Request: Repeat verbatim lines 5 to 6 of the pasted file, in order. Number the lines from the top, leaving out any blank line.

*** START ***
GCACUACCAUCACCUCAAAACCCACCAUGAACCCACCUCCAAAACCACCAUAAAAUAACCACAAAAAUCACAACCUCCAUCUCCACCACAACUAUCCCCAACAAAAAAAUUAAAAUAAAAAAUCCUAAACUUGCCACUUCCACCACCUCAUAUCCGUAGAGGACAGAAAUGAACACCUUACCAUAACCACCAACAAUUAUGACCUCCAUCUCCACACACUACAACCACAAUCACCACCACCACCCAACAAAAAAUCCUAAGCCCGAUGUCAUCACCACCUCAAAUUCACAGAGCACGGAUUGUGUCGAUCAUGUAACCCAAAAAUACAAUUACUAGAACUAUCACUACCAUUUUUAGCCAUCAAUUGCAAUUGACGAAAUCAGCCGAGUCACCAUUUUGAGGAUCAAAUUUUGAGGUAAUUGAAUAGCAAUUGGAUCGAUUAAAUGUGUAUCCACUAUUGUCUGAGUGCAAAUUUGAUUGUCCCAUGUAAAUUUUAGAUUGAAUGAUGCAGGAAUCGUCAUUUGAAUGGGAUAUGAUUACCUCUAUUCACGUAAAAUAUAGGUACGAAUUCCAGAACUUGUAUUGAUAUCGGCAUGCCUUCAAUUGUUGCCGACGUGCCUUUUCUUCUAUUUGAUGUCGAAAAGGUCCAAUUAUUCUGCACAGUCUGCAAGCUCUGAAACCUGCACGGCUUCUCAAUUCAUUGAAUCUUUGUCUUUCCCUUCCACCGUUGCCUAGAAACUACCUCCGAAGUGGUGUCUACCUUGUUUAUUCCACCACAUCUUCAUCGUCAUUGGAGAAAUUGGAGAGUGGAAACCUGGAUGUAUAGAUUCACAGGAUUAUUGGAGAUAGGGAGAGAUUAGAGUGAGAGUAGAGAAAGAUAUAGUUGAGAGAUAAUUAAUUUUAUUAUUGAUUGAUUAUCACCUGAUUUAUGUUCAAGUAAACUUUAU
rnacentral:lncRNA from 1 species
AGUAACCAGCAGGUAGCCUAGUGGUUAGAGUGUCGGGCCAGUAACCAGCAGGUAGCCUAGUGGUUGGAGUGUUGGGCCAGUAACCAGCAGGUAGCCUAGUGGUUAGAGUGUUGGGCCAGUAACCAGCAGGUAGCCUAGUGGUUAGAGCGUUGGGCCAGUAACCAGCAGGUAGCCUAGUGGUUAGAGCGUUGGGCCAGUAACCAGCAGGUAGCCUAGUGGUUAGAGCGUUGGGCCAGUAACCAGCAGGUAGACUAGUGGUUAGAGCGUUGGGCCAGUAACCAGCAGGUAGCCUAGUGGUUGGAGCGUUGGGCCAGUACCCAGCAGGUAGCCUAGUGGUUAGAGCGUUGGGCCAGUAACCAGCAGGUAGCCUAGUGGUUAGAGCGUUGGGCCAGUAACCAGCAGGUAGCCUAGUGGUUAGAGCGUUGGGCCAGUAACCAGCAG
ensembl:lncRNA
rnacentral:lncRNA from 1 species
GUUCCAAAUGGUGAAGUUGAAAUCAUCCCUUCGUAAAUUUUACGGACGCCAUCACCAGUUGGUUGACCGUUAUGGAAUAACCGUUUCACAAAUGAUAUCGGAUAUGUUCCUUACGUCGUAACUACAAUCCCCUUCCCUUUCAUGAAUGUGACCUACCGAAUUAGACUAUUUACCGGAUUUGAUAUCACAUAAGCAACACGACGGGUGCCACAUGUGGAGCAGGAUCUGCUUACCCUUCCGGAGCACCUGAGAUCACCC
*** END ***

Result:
rnacentral:lncRNA from 1 species
GUUCCAAAUGGUGAAGUUGAAAUCAUCCCUUCGUAAAUUUUACGGACGCCAUCACCAGUUGGUUGACCGUUAUGGAAUAACCGUUUCACAAAUGAUAUCGGAUAUGUUCCUUACGUCGUAACUACAAUCCCCUUCCCUUUCAUGAAUGUGACCUACCGAAUUAGACUAUUUACCGGAUUUGAUAUCACAUAAGCAACACGACGGGUGCCACAUGUGGAGCAGGAUCUGCUUACCCUUCCGGAGCACCUGAGAUCACCC